"I’ve never been so happy watching TV before, seeing your movie remake doing so well... This will suddenly raise the profile of the Hong Kong film-making industry... And there may be more opportunities.There’ll be more financing. But most of all, there’ll be more chances for (Hong Kong) films to achieve fame and success overseas.”
Like its Hong Kong counterpart, The Departed was beloved by critics and fans alike, earning over $290 million at the box office, winning Best Picture at the Academy Awards and having the best performance Mark Wahlberg has ever given in his oh so illustrious career:
With the initial release of The Departed in October 2006, there seemed to be an uptick in searches for the original film according to Google Trends from that year. While it may not be an exact science, there is precedent to believe when a remake is announced and released, film-goers will be intrigued to see what it is a remake of which ultimately raises interest in the original.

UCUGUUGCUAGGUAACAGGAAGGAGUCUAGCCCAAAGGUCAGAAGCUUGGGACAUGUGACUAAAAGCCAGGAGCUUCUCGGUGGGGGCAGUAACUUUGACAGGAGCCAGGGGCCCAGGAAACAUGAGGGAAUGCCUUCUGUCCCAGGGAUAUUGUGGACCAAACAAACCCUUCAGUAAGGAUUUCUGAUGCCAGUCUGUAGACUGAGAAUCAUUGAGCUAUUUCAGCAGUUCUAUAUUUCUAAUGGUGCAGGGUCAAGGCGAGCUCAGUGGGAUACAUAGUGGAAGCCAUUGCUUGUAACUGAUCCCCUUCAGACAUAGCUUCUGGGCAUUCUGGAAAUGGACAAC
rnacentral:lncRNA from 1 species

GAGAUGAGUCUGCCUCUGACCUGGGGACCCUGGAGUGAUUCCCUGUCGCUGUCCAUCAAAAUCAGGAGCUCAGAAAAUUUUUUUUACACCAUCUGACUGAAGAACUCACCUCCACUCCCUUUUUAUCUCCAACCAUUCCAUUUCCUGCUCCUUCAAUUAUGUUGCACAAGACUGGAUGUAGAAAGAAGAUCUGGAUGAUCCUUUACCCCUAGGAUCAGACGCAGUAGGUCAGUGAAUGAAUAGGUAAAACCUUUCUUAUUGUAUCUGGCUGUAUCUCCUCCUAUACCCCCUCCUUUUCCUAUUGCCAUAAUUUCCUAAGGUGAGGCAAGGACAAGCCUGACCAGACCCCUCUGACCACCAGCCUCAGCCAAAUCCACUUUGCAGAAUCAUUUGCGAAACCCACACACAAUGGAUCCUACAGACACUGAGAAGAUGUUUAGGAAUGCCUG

Whether they prefer the remake to the original is up for debate. If the property is lucky enough to be in an Infernal Affairs/Departed situation, crime fans potentially have two(!) phenomenal works to spend an afternoon double feature with.
The Remake May Even Surpass the Original
There just isn't anyone around that can play a better Dorothy. This actress embodied the doe-eyed Kansas teen who is whisked away to the Land of Oz. And you want to talk about one of the greatest gangster films of all time? Tell me one actor who you think could've played a better Tony, rising through the ranks in a world surrounded with drugs and violence?